Otis.jpgOtis Redding circa mid 1960’s (original source unknown).    

Otis Redding:  “Merry Christmas Baby” (1967, written by Johnny Moore and Lou Baxter in 1947)

Otis Redding:  “White Christmas” (1967, written by Irving Berlin in 1942)

I do not own the rights to anything.  I am just sharing some things that I love with you  🙂

What are some of your favorite Christmas songs?

Until next time, happy listening!!!

25 Days Of Christmas Music 2018: Day 11

Hi, Everybody!!!  Welcome back to the countdown.

shiny brites

Vintage Shiny Brite ornaments found on Pinterest (original source unknown). 

We lost today’s singer over the summer, and a part of me died that day, too.  I still have not stopped crying.  My world lost a great deal of its light.  Life will never sound the same without her in it.

She was without a doubt the greatest female singer this world has ever known.  In 1958 when she was 16, she met singer Sam Cooke, who died 54 years ago today at the age of 33.  He wanted her to sign with his label, RCA Records.  However, her father-a minister who was her first manager-eventually had her sign with Columbia Records.  She and Cooke remained friends and fans of each other’s work, and she recorded several of his songs after his death, most notably “A Change Is Gonna Come” (1967) and “You Send Me” (1968),  She referred to him as “a prince of a man”.

From the second I heard she died, all I could think of was how even more beautiful Heaven sounded now that she and Cooke could sing together.  I cannot even imagine what a breathtaking sound that was.  The true definition of Heaven itself.

Yes, I believe in Heaven.  And I believe one day I will be there myself.  And after I have thanked God in person for everything he gave me, and hugged and kissed all my family and friends that passed before me, I want to be front and center to hear this woman sing with Cooke, Otis Redding, Marvin Gaye, John Lennon, Jackie Wilson, Luciano Pavorotti and anyone else she chooses.  Maybe Jim Morrison???  And then I will bow to her, which is the appropriate action to take when meeting a Queen.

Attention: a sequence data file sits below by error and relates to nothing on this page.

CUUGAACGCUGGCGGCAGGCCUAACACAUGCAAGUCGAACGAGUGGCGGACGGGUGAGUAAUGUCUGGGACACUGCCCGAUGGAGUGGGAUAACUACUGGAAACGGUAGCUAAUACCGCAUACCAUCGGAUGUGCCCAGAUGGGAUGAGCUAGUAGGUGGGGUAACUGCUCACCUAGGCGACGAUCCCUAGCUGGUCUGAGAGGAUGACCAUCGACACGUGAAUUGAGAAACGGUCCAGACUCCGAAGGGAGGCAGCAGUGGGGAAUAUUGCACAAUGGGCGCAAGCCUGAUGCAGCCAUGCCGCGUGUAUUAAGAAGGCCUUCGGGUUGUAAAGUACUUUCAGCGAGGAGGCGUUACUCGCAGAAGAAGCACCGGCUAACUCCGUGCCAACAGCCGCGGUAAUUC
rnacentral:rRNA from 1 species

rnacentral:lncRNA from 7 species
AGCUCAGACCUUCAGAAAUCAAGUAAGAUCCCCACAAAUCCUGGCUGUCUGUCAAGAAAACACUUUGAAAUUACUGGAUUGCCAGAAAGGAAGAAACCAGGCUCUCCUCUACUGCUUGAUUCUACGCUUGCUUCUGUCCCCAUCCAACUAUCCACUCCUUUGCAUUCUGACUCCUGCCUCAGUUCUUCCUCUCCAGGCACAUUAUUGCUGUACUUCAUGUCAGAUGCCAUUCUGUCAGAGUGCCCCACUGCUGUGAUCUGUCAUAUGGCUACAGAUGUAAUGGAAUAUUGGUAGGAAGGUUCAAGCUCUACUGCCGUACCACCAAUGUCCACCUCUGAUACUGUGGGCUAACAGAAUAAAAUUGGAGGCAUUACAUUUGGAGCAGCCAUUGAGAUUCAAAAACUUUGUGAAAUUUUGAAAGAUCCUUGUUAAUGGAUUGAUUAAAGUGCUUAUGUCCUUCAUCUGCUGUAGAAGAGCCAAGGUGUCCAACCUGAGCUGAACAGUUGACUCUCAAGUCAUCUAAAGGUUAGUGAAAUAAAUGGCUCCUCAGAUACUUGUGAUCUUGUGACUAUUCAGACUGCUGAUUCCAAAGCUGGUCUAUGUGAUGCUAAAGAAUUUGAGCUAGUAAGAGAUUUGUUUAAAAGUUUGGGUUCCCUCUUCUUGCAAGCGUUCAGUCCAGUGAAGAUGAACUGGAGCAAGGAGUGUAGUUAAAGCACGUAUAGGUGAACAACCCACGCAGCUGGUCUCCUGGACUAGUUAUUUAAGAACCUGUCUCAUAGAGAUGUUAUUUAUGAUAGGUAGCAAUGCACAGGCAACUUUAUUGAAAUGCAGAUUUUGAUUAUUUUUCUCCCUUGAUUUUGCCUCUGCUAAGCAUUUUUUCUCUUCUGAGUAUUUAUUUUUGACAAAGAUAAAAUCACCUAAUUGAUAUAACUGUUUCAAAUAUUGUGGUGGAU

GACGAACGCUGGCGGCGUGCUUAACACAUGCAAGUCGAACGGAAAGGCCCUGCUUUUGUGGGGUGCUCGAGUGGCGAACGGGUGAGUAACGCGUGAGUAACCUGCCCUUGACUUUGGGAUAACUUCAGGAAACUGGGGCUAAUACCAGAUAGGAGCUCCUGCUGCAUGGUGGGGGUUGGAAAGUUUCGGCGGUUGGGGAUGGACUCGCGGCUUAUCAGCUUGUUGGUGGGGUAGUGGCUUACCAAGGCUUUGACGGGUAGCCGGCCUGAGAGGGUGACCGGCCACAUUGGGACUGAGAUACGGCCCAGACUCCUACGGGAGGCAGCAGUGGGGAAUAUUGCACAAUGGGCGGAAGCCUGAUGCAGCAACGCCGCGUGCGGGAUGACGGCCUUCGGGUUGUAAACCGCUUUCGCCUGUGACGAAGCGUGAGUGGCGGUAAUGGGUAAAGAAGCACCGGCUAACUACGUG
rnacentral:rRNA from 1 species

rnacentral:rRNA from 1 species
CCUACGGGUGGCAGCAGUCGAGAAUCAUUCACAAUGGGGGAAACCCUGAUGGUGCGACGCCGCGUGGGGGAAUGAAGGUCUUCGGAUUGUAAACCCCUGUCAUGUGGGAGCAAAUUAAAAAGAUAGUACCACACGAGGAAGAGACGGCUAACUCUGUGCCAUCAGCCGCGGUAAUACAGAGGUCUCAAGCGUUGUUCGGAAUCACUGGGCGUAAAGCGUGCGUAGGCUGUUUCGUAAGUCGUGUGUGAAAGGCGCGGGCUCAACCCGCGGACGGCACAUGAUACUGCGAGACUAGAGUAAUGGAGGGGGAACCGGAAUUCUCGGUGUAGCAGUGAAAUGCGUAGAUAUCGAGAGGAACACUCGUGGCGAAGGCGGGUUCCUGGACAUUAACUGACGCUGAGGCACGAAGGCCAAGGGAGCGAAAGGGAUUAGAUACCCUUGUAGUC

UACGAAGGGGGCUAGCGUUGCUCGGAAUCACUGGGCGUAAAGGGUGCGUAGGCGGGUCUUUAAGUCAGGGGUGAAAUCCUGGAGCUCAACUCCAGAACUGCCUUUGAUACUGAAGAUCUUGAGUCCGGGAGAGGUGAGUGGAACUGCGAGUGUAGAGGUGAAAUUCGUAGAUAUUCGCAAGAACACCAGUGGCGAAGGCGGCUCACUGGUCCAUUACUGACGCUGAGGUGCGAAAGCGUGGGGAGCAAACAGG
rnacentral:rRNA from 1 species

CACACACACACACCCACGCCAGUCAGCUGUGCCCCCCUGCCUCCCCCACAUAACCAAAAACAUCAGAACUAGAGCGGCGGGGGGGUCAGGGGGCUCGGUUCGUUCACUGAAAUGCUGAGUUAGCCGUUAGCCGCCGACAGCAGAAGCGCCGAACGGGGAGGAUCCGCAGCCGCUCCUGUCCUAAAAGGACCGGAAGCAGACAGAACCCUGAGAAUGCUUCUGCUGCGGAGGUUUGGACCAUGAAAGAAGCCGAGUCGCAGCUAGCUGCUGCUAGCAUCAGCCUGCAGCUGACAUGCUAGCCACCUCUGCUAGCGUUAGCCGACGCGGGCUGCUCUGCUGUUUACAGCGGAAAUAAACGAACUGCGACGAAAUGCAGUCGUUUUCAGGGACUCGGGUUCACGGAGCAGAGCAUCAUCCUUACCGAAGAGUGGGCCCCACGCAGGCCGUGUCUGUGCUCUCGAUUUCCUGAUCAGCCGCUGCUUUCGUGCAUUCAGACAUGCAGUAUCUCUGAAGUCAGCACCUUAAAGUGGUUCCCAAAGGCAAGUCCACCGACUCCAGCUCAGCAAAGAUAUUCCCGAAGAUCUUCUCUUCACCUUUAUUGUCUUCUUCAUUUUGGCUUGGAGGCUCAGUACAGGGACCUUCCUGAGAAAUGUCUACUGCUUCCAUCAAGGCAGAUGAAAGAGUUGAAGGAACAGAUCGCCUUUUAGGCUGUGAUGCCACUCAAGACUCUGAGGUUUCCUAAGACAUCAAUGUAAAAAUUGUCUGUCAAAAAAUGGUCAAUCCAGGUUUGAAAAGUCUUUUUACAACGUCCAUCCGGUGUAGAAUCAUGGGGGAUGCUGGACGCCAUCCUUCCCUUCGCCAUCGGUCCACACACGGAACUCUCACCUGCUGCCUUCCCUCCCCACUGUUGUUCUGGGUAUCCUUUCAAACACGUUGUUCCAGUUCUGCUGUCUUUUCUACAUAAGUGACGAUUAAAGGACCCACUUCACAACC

Aretha.jpg

Aretha Franklin:  “Angels We Have Heard On High” (2008).

I do not own the rights to anything.  I am just sharing some things that I love with you  🙂

What are some of your favorite Christmas songs?

Until next time, happy listening!!!

25 Days Of Christmas Music 2018: Day 10

Hi, Everybody!!!  Welcome back to the countdown.

day 10A

Found on Pinterest (original source unknown).  

Today’s song is tied to a few artists we already featured in this year’s countdown.  I included it as a bonus song on Day 1 of the countdown because Bruce Springsteen covered it in 1987, but the first recording of this song dates back 40 years earlier when Charles Brown (singer of the song on Day 7) sang it as a singer and pianist with Johnny Moore’s Trailblazers.  Moore wrote it with songwriter Lou Baxter and it went to #3 on Billboard’s R&B Jukebox in 1947.  Several other artists have covered it over the years as well, but the one recorded in by the greatest soul singer of all time ranks at the top of my list.  And since this man was taken from us way too soon (51 years ago today at the age of 26), I must include his other Christmas cover because one can never have enough of this phenomenal singer’s voice.  Or this song, which this man makes all his own in this simply sublime version.

Otis

Otis Redding circa 1967 (original source unknown).  

Otis Redding:  “Merry Christmas Baby“.

Otis Redding:  “White Christmas“.

I do not own the rights to anything.  I am just sharing some things that I love with you  🙂

What are some of your favorite Christmas songs?

Until next time, happy listening!!!